The other day I went to visit my parents’ home to say hello and pick up some mail that fails to migrate with me to new residences.
As I parked and walked up to the door, I went across their lawn and first thought they’d started laying down straw before I realized it was grass, or used to be.
“Wow,” I said when I got inside. “You’re sure taking this water-restriction thing serious, aren’t you?”
My dad said, “What water restrictions?”
(He didn’t really.)
But, we did get into a discussion of the actual restrictions, which I, despite working at a newspaper, know almost nothing about. Water is restricted in certain places on certain days, but I can still gargle the complete soundtrack of “Singin’ in the Rain” in the shower without penalty, and I don’t have a lawn anyway, so I’m not sure what it accomplishes.
The discussion between my mom and dad trying to explain it to me was the equivalent of a Three Stooges routine, with less domestic violence involved.
“So we’re odd-numbered.”
“What does that mean.”
“That means we can water on Sundays between 6 a.m. and 10 a.m.”
“No, we can’t water on Sunday morning, only at night but we have to stop before midnight.”
“Because no one can water on Mondays.”
“Unless it’s runoff from washing your car and the grass soaks it up before it goes down the street.”
“Or you’re wearing a raincoat while you do it.”
(None of that is right.)
I know it really isn’t that hard. The day starts at 6 p.m. and ends at 10 a.m. the next day. Even number means your watering day starts Saturday, Tuesday, Thursday; odd means the day starts Wednesday, Friday, Sunday. Simple.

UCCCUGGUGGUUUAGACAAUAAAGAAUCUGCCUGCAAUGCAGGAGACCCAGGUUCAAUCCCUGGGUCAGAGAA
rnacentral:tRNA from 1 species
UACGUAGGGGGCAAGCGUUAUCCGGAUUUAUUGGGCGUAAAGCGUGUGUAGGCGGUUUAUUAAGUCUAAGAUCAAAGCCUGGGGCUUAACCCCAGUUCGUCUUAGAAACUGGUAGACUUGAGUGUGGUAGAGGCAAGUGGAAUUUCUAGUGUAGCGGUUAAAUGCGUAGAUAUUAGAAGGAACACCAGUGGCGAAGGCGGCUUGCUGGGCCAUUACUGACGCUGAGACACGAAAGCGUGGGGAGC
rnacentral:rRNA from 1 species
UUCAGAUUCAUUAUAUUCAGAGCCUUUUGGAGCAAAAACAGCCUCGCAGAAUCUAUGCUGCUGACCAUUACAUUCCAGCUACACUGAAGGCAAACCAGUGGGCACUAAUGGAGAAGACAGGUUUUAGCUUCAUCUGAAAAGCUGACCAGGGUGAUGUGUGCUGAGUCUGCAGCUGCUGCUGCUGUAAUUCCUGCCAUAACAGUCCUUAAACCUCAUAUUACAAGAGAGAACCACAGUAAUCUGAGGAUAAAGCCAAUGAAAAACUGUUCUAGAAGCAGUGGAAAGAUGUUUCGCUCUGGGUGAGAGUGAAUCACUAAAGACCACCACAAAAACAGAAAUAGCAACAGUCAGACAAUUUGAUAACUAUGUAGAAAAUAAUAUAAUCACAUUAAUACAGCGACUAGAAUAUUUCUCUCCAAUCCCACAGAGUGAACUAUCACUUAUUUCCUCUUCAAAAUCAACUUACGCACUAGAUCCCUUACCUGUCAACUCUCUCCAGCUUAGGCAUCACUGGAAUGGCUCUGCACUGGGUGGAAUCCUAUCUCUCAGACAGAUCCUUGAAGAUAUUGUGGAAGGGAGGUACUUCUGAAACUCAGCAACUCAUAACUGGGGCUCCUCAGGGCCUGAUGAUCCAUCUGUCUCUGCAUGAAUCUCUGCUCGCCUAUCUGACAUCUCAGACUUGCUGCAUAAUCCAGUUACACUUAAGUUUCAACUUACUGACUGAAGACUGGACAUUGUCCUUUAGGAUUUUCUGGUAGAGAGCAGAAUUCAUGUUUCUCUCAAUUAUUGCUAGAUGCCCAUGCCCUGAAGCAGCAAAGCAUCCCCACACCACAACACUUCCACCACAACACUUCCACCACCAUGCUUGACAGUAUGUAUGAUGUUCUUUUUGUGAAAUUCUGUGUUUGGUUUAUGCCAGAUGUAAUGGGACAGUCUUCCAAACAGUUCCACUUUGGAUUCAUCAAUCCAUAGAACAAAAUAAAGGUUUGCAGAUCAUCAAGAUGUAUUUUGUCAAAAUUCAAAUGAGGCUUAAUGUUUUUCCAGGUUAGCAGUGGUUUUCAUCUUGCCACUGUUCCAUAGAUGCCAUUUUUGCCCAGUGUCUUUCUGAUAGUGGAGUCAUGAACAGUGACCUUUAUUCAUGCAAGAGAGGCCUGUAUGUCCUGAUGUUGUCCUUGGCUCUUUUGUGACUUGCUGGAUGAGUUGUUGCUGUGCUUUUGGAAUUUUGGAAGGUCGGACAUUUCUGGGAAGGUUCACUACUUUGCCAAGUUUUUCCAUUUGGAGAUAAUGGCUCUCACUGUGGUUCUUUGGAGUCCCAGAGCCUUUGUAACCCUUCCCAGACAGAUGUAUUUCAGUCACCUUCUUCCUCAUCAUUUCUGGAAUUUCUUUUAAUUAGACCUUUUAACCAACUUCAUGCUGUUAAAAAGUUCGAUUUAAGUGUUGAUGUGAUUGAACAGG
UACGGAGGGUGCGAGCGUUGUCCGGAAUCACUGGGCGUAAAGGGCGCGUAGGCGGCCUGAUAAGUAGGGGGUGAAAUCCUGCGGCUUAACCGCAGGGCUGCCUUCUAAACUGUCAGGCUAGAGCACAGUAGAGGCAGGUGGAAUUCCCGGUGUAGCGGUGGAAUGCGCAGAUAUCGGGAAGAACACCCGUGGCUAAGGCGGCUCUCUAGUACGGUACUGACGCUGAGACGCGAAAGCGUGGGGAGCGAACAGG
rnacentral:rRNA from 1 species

But it’s something arbitrary, and doesn’t tackle consumption, it tackles liberty. If you to change the demand for water, change the price.
Right now the rate goes down after the first 2,000 gallons, rather than up. Or up again at 10,000 and again at 50,000.
While I have incredible faith in human ingenuity to come up with an energy-efficient form of desalinization, I really don’t understand the point of trying to make private citizens restrict their water usage.
I don’t know what it’s like locally, but the National Atlas says that nationally, 52 percent of all surface fresh-water is used for thermoelectric purposes and 33 percent of all fresh water gets used for agriculture. Public use of all kinds is just 11 percent. Looking at the Colorado River Municipal Water District’s historical delivery numbers, Odessa’s use is about what it was 30 years ago. The CRMWD is just selling more to Midland, and more significantly, San Angelo.
I’m not saying we shouldn’t all let go of the dream of perennially green lawns; I’m not even saying water restrictions are philosophically a bad idea. But, watering lawns isn’t the problem any more than cutting the multimillion dollar “pork” from the federal budget solves the trillion dollar debt or multi-trillion dollar debt.
If you want to do that, you’ve got tackle the big problems of entitlement spending, military, and an electorate that expects increased services but hates higher taxes on everything but the price of cigarettes.
Really, if we want to solve a lot of problems in this country, and city, we should cut taxes on tobacco products and start shoving them into kids’ hands in the eighth grade.
There’s a good chance they’ll get hooked and die by 65, before Social Security or Medicare. And dead people rarely water their lawns, especially on Mondays.